Late 2002 saw the airing of a document drafted by the Polish Foreign Ministry, which included proposals for this Eastern dimension. It stated, in particular, that the level of relations between the EU and Ukraine should not be lower than that of the Russo-European relationship and that Ukraine must be offered clear prospects for its possible EU membership, should it comply with the requirements of the so-called Copenhagen Criteria (democratic political development, a competitive market economy, and freedom of the press). Recently, Polish diplomacy has drafted a document that sets forth proposals for the future Ukraine-EU Action Plan. According to Ukraine’s Foreign Ministry, these proposals contain much of what Kyiv has already passed to Brussels (last summer and during the Ukraine-EU Summit). To quote Polish Foreign Minister Wlodzimierz Cimoszewicz, Poland will act on behalf of Ukraine in such organizations as NATO and the EU. Finally, Poland is perhaps the only European country (aside from Great Britain) that always says openly that Ukraine should be admitted to NATO and the EU after it complies with the relevant requirements. Poland is but a single country that openly tells Ukraine: “Follow in our footsteps, but learn from our mistakes.”
Thus, at the political level Poland presents itself as a true friend of Ukraine even without the Year of Poland in Ukraine. The frequency of meetings of Presidents Kuchma and Kwasniewski until recently almost equaled that of meetings between Kuchma and Putin. Kwasniewski openly supported Ukraine during its recent diplomatic isolation, because he is one of those who realize what Ukraine means for Poland’s national security. That even he has of late voiced concern over the events in Ukraine is evidence that things are approaching the limit beyond which even he could find himself unable to put in a word for Ukraine. And this could happen precisely in the Year of Poland in Ukraine, thus burying this idea altogether.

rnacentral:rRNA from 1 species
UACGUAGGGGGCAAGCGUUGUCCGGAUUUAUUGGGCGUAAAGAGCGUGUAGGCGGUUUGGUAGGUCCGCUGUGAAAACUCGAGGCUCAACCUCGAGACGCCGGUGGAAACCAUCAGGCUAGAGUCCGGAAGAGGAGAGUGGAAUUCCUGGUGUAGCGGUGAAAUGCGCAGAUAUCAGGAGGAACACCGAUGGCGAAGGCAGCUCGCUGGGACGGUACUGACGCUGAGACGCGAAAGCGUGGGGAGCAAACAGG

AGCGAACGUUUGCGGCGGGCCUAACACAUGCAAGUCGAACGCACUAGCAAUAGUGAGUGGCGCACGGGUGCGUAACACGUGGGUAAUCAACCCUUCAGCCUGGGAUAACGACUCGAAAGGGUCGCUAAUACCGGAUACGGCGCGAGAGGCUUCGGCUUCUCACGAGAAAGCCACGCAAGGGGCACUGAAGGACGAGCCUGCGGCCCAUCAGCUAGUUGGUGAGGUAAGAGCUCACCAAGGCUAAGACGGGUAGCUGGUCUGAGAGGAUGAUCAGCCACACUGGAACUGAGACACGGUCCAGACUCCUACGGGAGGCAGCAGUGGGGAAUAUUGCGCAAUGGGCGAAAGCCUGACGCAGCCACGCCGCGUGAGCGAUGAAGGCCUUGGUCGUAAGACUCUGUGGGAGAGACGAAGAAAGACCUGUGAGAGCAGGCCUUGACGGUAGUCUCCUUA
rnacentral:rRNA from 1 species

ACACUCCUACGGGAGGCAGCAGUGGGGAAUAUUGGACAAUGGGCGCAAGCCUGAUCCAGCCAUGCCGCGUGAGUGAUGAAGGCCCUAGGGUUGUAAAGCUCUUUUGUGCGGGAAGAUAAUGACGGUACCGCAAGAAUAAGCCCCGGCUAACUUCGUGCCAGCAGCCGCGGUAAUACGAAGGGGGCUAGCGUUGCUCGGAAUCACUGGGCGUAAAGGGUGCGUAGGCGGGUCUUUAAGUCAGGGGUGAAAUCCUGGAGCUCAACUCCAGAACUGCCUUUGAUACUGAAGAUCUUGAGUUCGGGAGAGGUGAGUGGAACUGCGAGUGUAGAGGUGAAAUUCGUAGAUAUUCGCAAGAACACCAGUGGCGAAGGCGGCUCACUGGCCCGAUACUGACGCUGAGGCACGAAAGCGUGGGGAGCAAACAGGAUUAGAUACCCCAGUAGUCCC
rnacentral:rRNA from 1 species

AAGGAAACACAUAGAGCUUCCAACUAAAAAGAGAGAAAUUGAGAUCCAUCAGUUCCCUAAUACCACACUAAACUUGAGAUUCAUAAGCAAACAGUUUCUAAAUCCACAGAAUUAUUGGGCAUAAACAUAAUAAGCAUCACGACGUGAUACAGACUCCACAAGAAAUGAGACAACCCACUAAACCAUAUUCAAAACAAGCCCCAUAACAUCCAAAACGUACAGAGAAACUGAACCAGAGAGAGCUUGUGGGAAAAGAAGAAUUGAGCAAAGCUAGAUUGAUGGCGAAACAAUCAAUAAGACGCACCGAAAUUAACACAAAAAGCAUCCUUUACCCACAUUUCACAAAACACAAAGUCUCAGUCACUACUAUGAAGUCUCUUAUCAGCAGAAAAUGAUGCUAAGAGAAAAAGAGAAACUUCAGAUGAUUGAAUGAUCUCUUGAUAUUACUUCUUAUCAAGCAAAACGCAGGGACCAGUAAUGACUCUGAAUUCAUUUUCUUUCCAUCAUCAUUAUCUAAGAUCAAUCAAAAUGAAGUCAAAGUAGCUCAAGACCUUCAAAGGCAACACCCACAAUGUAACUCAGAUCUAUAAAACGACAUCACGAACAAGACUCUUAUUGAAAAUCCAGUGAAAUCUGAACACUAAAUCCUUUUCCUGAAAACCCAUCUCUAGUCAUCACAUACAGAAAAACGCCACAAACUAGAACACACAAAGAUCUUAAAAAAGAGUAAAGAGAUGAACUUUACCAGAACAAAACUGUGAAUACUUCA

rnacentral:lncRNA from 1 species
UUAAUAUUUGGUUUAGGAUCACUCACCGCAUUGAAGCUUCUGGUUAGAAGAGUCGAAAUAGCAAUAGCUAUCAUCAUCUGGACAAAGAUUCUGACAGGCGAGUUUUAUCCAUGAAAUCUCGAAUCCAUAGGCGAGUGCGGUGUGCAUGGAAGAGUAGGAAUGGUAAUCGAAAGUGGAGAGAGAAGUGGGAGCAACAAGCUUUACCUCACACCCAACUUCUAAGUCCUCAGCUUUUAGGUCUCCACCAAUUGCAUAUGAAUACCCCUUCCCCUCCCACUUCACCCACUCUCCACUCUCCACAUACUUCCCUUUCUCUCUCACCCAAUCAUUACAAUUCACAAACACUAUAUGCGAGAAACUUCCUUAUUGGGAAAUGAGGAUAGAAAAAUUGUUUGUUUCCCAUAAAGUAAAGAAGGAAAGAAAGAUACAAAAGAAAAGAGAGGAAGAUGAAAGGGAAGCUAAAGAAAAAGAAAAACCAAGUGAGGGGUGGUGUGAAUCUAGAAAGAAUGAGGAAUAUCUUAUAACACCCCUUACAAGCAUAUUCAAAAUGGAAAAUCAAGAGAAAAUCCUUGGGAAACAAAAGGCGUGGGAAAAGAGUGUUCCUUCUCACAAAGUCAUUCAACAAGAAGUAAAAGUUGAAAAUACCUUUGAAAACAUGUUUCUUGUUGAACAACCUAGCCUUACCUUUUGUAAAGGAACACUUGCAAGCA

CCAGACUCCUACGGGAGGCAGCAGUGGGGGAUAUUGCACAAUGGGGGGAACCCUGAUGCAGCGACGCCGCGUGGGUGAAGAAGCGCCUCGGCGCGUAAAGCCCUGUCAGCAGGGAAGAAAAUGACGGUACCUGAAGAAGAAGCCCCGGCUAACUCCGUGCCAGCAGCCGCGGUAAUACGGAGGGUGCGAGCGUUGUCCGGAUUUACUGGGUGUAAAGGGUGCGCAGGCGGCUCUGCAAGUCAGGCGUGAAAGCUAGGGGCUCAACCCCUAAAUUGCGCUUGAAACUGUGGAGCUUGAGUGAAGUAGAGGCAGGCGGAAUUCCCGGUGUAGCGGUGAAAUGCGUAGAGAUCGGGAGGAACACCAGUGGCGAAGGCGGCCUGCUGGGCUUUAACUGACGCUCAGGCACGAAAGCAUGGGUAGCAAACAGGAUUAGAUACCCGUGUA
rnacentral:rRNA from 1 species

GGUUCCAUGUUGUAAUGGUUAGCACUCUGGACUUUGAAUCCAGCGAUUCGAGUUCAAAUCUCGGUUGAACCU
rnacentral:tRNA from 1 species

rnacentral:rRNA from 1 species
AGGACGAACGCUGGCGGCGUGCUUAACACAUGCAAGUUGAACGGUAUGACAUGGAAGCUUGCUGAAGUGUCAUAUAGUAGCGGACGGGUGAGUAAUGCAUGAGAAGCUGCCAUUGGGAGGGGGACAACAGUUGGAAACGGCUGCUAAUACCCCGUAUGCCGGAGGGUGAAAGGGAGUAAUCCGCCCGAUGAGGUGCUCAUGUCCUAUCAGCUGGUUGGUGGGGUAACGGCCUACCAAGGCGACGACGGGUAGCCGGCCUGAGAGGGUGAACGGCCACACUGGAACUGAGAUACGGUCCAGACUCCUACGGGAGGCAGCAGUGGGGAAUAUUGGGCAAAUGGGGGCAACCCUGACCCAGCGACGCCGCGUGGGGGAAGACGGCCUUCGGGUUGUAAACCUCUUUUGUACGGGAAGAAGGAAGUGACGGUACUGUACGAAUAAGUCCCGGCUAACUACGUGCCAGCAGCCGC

It is hardly worthwhile to compare Poland’s political influence on Ukraine with that of Russia. Even when the Polish-Ukrainian strategic partnership was established with great fanfare, Ukrainian diplomats would admit off record that the bond with Russia is still stronger many times over. In the past two years the attempts by Russians to influence events in Ukraine have resulted in an influx of Russian capital, Russian political technologies (most often unsuccessful), the SES, a gas transport consortium, talk of backpumping via the Odesa-Brody pipeline, and the Kerch Strait Agreement. Obviously, this is not the end. For obvious reasons Warsaw cannot boast of similar successes in Ukraine and will not be able to do so even after the Year of Poland in Ukraine is over. Moreover, one should remember that aside from the fact that Poland had been a metropolis for Ukraine in the days long past, and these ties had been also severed long ago, Poland will never become for Ukraine what Germany had been for Poland.